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Prichard, AL — In the United States, all citizens are guaranteed due process and are all presumed innocent until proven guilty. This is a fundamental right that is crucial to maintaining a fair and just society. That being said, if a person is accused of bashing their wife's face into the headboard, before punching and stomping on her, it may be best to wait to hire them as a police officer until after they are proven innocent. But that's not what happened in Pritchard, Alabama.

According to NBC 15, Prichard Police Officer Markell Carter was first arrested and charged with domestic violence against his wife. Kalsey Carter, on August 15. In that incident, Mrs. Carter reported he punched her in the face, bashed her head into their headboard and threw a mirror at her.

Days later, she filed and was granted a protection order from abuse, alleging that Carter smashed her belongings with a hammer, stole her car, and "viciously beat" her.

Despite these damning accusations, which were sustained with enough evidence to make an arrest, Carter was hired by the Prichard police department. He had two charges against him for beating his wife and this apparently threw up no red flags with the department.

The interview likely went something like this: "So, Markell Carter, it says here that you were arrested — twice — in just that past few weeks for bashing your wife's face into a headboard, throwing a mirror at her, and kicking and stomping her?" "Yep!" "Well, we don't see anything wrong with that, welcome to the team, Officer Carter."

The new Prichard cop wouldn't waste any time showing the department how dedicated he was to allegedly beating his wife. Weeks later on October 20, police were called again, with Officer Carter accused of grabbing his estranged wife by the hair, pushing her to the ground and hitting her in the head. Again, he was arrested for allegedly beating his wife.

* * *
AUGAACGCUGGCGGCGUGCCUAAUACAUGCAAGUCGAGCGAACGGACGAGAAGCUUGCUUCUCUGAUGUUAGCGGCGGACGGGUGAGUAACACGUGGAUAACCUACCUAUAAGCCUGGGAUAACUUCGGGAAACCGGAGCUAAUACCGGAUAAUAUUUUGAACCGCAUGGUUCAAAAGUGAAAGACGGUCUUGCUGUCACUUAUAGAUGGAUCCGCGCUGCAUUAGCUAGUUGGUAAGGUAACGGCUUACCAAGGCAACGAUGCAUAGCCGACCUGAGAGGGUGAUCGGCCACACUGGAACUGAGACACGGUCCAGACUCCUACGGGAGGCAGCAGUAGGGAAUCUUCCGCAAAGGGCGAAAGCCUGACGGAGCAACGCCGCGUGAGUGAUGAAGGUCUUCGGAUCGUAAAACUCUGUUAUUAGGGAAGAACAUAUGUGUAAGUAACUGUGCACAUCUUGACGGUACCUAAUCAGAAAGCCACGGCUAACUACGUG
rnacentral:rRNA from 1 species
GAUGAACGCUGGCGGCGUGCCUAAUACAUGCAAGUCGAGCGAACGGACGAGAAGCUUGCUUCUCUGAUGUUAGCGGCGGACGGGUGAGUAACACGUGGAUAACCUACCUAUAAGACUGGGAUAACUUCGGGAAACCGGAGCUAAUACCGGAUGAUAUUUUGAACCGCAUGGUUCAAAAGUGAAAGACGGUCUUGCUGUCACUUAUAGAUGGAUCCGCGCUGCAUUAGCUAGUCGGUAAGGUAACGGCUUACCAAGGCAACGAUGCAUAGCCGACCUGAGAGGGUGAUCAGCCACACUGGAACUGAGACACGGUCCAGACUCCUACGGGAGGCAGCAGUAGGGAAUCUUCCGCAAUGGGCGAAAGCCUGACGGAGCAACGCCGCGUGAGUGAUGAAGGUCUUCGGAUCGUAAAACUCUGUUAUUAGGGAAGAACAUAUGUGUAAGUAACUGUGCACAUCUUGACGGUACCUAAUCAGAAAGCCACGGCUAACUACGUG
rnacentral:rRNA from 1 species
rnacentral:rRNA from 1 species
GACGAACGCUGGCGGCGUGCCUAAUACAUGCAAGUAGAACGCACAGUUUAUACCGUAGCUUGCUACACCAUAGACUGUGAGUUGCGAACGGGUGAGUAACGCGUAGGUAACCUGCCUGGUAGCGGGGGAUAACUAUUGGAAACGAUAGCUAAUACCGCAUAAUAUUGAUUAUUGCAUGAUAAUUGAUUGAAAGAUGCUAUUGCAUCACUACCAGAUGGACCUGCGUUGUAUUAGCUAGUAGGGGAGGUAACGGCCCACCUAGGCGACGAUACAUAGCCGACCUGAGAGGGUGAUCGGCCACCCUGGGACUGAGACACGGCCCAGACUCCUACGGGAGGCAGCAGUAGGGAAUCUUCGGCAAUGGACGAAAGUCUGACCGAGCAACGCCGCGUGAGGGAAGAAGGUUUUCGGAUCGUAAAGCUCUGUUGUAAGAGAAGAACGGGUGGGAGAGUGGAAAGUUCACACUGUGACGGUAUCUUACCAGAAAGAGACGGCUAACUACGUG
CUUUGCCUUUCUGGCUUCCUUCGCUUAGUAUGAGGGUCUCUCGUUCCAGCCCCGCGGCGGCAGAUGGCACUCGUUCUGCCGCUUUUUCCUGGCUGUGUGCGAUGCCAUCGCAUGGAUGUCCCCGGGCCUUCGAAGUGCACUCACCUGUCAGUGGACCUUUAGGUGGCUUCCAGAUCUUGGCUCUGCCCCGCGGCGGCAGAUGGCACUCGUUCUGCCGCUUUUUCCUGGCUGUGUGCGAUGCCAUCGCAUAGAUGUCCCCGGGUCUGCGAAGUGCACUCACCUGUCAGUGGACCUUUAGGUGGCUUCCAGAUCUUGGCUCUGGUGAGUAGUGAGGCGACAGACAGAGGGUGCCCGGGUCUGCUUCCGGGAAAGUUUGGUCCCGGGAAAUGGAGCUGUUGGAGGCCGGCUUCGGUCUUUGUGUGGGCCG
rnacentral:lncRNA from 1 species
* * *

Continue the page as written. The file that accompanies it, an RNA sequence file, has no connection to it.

Now is when things get complicated.

Just six days before his third arrest, Carter would have his estranged wife arrested after accusing her of breaking his front door.

After she was accused of breaking his front door, jail logs show Mrs. Carter was arrested on November 7 and charged with third degree domestic violence.

Imagine how it must feel to be a victim of domestic violence and your abuser is a cop — and you end up surrounded by his fellow cops behind bars. Chilling indeed.

Officer Carter's lawyer, Scott Hawk, told NBC 15 "just because you are arrested, does not mean you are guilty." And he's right. But when you are arrested three times in just a few months, something is definitely awry.

Chief Walter Knight with Prichard Police was unapologetic when it comes to hiring cops accused of savagely beating their wives.

“We have had many questions and emails about officer Carter being employed here and yes he’s employed here. At this time, no actions will be taken until we see what the outcome of this case is going to be,” he said. “A lot of employers wouldn’t fire a person because they were arrested. They would wait to see what’s the totality of the situation.”